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After meningitis outbreak, FDA cracks down on compounding pharmacies

by Jaclyn Cosgrove Published: April 7, 2013

A few months after a nationwide fungal meningitis outbreak linked to contaminated drugs, the U.S. Food and Drug Administration launched an investigation into several compounding pharmacies, including one in Oklahoma.

Lowlyn Pharmacies, a Blanchard pharmacy that operates under the name Red Cross Drug, is one of about 30 pharmacies across the U.S. that were cited in an FDA investigation of facilities that the federal regulatory agency says are operating outside the realm of traditional compounding pharmacies.

“The recent tragic fungal meningitis outbreak linked to a contaminated compounded drug has shed a harsh but important light on an area that state and federal regulatory authorities have struggled to effectively oversee for years,” FDA spokesman Christopher Kelly said in a statement. “In light of the outbreak and other past events involving compounders, the FDA will continue to use its existing authorities we have to protect consumers.”

Kelly could not comment specifically on Lowlyn Pharmacies, for the FDA's investigation is still pending. Employees at the pharmacy declined to comment.

Compounding pharmacies provide specialized drugs for patients, who among other reasons, might have an allergy to a certain ingredient in a drug or need a drug that's unavailable because of a drug shortage.

Kelly said the FDA does not want to limit traditional compounding pharmacies but rather “nontraditional” compounding pharmacies that produce large amounts of drugs that aren't created for a specific patient.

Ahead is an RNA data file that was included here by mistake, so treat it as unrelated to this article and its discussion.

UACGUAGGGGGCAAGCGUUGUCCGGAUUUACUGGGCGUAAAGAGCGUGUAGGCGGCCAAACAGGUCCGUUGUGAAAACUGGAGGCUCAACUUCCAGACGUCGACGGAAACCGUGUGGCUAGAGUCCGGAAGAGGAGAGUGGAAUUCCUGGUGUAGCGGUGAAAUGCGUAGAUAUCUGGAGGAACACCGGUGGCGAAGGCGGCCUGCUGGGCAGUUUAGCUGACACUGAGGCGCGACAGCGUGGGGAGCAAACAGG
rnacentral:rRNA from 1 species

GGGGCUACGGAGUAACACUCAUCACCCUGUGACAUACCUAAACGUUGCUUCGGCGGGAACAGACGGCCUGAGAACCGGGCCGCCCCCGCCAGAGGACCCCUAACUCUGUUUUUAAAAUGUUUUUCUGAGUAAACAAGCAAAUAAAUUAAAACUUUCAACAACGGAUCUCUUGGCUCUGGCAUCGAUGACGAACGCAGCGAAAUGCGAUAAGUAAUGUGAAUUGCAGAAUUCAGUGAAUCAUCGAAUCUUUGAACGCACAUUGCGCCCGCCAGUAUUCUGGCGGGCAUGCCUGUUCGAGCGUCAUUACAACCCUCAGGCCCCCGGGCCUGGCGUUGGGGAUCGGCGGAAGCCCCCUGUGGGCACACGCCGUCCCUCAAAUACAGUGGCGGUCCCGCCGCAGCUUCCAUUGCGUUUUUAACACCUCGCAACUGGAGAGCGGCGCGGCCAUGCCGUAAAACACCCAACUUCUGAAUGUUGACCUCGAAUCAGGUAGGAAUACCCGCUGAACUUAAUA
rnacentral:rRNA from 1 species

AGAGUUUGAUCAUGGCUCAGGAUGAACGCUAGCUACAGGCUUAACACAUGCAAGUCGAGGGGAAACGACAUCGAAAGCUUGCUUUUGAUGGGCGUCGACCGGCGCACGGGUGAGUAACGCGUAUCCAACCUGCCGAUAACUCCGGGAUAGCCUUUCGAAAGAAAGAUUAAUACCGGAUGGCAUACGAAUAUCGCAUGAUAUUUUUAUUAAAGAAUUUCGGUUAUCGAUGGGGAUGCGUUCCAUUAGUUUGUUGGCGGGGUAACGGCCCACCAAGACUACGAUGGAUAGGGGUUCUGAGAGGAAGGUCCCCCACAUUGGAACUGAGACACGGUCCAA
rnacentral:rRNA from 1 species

This was the case in the compounding pharmacy behind the outbreak.

In September, the New England Compounding Center began its recall of steroid injections that were determined contaminated and causing patients to develop fungal meningitis. The compounding center was producing large amounts of compounded drugs and shipping them out of state.

The first lot of contaminated steroid injections was produced from the New England Compounding Center in May, according to the Centers for Disease Control and Prevention. Nineteen Oklahoma medical facilities were customers of the New England Compounding Center, according to FDA records.

The outbreak has sickened at least 720 people and killed 48. No one in Oklahoma has been reported sick or to have died because of the outbreak.

Earlier this year, the FDA investigated about 30 pharmacies nationwide in what Kelly said is the first round of this type of investigation. Depending on the result of these investigations, the FDA could expand its list of pharmacies to check into.

Red Cross Drug's compounding practice was founded by Harvey Ahl, who was a pharmacist for several years, and is now owned and operated by his son, Jeff Ahl, according to the company's website.

In their report on the Blanchard pharmacy, FDA investigators made 12 observations, noting the pharmacy's staff lacked proper training, did not wear proper gowning while at work and did not use proper sterilization techniques, according to the report.

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by Jaclyn Cosgrove
Medical and Health Reporter
Jaclyn Cosgrove writes about health, public policy and medicine in Oklahoma, among other topics. She is an Oklahoma State University graduate. Jaclyn grew up in the southeast region of the state and enjoys writing about rural Oklahoma. She is...
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